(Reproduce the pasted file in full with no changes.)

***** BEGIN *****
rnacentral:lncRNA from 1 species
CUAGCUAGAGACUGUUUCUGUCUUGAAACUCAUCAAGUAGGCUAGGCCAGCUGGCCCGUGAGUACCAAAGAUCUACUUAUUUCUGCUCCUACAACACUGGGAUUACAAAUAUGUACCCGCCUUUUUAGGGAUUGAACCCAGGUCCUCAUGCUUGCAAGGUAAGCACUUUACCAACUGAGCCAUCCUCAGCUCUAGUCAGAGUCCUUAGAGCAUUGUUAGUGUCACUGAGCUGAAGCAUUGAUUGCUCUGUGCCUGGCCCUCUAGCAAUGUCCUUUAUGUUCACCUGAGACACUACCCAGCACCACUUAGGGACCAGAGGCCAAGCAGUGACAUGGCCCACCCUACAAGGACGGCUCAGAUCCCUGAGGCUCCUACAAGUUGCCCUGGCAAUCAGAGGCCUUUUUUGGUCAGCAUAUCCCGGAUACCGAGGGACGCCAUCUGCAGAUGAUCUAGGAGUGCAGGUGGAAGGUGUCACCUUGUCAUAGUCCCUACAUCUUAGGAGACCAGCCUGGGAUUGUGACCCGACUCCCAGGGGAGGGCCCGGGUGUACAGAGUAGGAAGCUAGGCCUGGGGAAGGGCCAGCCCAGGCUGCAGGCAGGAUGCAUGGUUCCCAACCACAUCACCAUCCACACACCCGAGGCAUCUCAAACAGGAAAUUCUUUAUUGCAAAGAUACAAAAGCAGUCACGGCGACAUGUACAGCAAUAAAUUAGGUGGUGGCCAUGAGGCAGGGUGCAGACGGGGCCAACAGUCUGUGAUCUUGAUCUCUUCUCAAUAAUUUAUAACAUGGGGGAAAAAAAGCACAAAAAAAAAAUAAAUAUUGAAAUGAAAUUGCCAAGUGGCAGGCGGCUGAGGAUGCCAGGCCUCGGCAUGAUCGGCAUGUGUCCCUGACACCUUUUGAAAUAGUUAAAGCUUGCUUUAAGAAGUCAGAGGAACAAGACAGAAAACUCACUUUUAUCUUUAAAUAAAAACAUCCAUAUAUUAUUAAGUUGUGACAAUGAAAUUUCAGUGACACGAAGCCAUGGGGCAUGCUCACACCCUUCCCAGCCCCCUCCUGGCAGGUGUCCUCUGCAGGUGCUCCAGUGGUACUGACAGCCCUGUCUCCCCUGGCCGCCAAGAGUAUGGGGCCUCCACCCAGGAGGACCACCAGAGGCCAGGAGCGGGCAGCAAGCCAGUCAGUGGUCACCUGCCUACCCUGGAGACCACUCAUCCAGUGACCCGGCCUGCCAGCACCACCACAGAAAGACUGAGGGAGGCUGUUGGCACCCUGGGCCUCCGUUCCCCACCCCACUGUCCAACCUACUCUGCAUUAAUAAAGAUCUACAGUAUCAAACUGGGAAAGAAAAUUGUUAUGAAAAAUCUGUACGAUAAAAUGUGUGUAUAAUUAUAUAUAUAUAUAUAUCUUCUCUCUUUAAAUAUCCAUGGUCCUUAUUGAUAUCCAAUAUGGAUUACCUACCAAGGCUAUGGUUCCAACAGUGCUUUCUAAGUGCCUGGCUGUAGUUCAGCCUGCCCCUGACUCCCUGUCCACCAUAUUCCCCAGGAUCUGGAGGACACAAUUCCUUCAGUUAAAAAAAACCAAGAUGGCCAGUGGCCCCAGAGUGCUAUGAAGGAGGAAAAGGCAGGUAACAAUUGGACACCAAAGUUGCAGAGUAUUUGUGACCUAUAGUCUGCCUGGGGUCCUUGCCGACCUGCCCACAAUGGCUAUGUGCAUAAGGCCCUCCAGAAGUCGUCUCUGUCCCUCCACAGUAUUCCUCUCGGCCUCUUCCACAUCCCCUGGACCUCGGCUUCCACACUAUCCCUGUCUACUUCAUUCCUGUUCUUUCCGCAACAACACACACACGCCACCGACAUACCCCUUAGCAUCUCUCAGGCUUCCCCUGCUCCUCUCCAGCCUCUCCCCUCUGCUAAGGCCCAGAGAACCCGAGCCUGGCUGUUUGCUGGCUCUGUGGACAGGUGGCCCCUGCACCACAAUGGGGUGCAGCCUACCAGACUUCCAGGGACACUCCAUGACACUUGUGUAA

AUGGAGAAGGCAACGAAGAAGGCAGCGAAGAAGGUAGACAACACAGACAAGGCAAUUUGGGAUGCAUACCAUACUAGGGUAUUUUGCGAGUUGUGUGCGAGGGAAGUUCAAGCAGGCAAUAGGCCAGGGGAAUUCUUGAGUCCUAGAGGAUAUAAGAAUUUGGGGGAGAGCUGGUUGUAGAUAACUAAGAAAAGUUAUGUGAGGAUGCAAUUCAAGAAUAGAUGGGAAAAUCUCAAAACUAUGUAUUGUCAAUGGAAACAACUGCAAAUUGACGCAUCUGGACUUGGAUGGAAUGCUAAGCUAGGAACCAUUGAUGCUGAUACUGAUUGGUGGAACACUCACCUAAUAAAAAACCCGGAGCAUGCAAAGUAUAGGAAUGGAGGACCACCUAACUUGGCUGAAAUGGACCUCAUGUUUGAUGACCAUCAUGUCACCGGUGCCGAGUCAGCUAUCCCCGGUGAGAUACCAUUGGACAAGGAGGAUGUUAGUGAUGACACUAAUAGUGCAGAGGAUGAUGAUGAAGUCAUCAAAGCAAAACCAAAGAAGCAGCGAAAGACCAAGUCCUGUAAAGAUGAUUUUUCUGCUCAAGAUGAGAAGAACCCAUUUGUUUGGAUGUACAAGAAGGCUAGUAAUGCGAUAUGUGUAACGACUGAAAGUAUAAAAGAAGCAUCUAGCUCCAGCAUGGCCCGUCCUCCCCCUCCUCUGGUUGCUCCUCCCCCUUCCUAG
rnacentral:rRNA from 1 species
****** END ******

rnacentral:lncRNA from 1 species
CUAGCUAGAGACUGUUUCUGUCUUGAAACUCAUCAAGUAGGCUAGGCCAGCUGGCCCGUGAGUACCAAAGAUCUACUUAUUUCUGCUCCUACAACACUGGGAUUACAAAUAUGUACCCGCCUUUUUAGGGAUUGAACCCAGGUCCUCAUGCUUGCAAGGUAAGCACUUUACCAACUGAGCCAUCCUCAGCUCUAGUCAGAGUCCUUAGAGCAUUGUUAGUGUCACUGAGCUGAAGCAUUGAUUGCUCUGUGCCUGGCCCUCUAGCAAUGUCCUUUAUGUUCACCUGAGACACUACCCAGCACCACUUAGGGACCAGAGGCCAAGCAGUGACAUGGCCCACCCUACAAGGACGGCUCAGAUCCCUGAGGCUCCUACAAGUUGCCCUGGCAAUCAGAGGCCUUUUUUGGUCAGCAUAUCCCGGAUACCGAGGGACGCCAUCUGCAGAUGAUCUAGGAGUGCAGGUGGAAGGUGUCACCUUGUCAUAGUCCCUACAUCUUAGGAGACCAGCCUGGGAUUGUGACCCGACUCCCAGGGGAGGGCCCGGGUGUACAGAGUAGGAAGCUAGGCCUGGGGAAGGGCCAGCCCAGGCUGCAGGCAGGAUGCAUGGUUCCCAACCACAUCACCAUCCACACACCCGAGGCAUCUCAAACAGGAAAUUCUUUAUUGCAAAGAUACAAAAGCAGUCACGGCGACAUGUACAGCAAUAAAUUAGGUGGUGGCCAUGAGGCAGGGUGCAGACGGGGCCAACAGUCUGUGAUCUUGAUCUCUUCUCAAUAAUUUAUAACAUGGGGGAAAAAAAGCACAAAAAAAAAAUAAAUAUUGAAAUGAAAUUGCCAAGUGGCAGGCGGCUGAGGAUGCCAGGCCUCGGCAUGAUCGGCAUGUGUCCCUGACACCUUUUGAAAUAGUUAAAGCUUGCUUUAAGAAGUCAGAGGAACAAGACAGAAAACUCACUUUUAUCUUUAAAUAAAAACAUCCAUAUAUUAUUAAGUUGUGACAAUGAAAUUUCAGUGACACGAAGCCAUGGGGCAUGCUCACACCCUUCCCAGCCCCCUCCUGGCAGGUGUCCUCUGCAGGUGCUCCAGUGGUACUGACAGCCCUGUCUCCCCUGGCCGCCAAGAGUAUGGGGCCUCCACCCAGGAGGACCACCAGAGGCCAGGAGCGGGCAGCAAGCCAGUCAGUGGUCACCUGCCUACCCUGGAGACCACUCAUCCAGUGACCCGGCCUGCCAGCACCACCACAGAAAGACUGAGGGAGGCUGUUGGCACCCUGGGCCUCCGUUCCCCACCCCACUGUCCAACCUACUCUGCAUUAAUAAAGAUCUACAGUAUCAAACUGGGAAAGAAAAUUGUUAUGAAAAAUCUGUACGAUAAAAUGUGUGUAUAAUUAUAUAUAUAUAUAUAUCUUCUCUCUUUAAAUAUCCAUGGUCCUUAUUGAUAUCCAAUAUGGAUUACCUACCAAGGCUAUGGUUCCAACAGUGCUUUCUAAGUGCCUGGCUGUAGUUCAGCCUGCCCCUGACUCCCUGUCCACCAUAUUCCCCAGGAUCUGGAGGACACAAUUCCUUCAGUUAAAAAAAACCAAGAUGGCCAGUGGCCCCAGAGUGCUAUGAAGGAGGAAAAGGCAGGUAACAAUUGGACACCAAAGUUGCAGAGUAUUUGUGACCUAUAGUCUGCCUGGGGUCCUUGCCGACCUGCCCACAAUGGCUAUGUGCAUAAGGCCCUCCAGAAGUCGUCUCUGUCCCUCCACAGUAUUCCUCUCGGCCUCUUCCACAUCCCCUGGACCUCGGCUUCCACACUAUCCCUGUCUACUUCAUUCCUGUUCUUUCCGCAACAACACACACACGCCACCGACAUACCCCUUAGCAUCUCUCAGGCUUCCCCUGCUCCUCUCCAGCCUCUCCCCUCUGCUAAGGCCCAGAGAACCCGAGCCUGGCUGUUUGCUGGCUCUGUGGACAGGUGGCCCCUGCACCACAAUGGGGUGCAGCCUACCAGACUUCCAGGGACACUCCAUGACACUUGUGUAA

AUGGAGAAGGCAACGAAGAAGGCAGCGAAGAAGGUAGACAACACAGACAAGGCAAUUUGGGAUGCAUACCAUACUAGGGUAUUUUGCGAGUUGUGUGCGAGGGAAGUUCAAGCAGGCAAUAGGCCAGGGGAAUUCUUGAGUCCUAGAGGAUAUAAGAAUUUGGGGGAGAGCUGGUUGUAGAUAACUAAGAAAAGUUAUGUGAGGAUGCAAUUCAAGAAUAGAUGGGAAAAUCUCAAAACUAUGUAUUGUCAAUGGAAACAACUGCAAAUUGACGCAUCUGGACUUGGAUGGAAUGCUAAGCUAGGAACCAUUGAUGCUGAUACUGAUUGGUGGAACACUCACCUAAUAAAAAACCCGGAGCAUGCAAAGUAUAGGAAUGGAGGACCACCUAACUUGGCUGAAAUGGACCUCAUGUUUGAUGACCAUCAUGUCACCGGUGCCGAGUCAGCUAUCCCCGGUGAGAUACCAUUGGACAAGGAGGAUGUUAGUGAUGACACUAAUAGUGCAGAGGAUGAUGAUGAAGUCAUCAAAGCAAAACCAAAGAAGCAGCGAAAGACCAAGUCCUGUAAAGAUGAUUUUUCUGCUCAAGAUGAGAAGAACCCAUUUGUUUGGAUGUACAAGAAGGCUAGUAAUGCGAUAUGUGUAACGACUGAAAGUAUAAAAGAAGCAUCUAGCUCCAGCAUGGCCCGUCCUCCCCCUCCUCUGGUUGCUCCUCCCCCUUCCUAG
rnacentral:rRNA from 1 species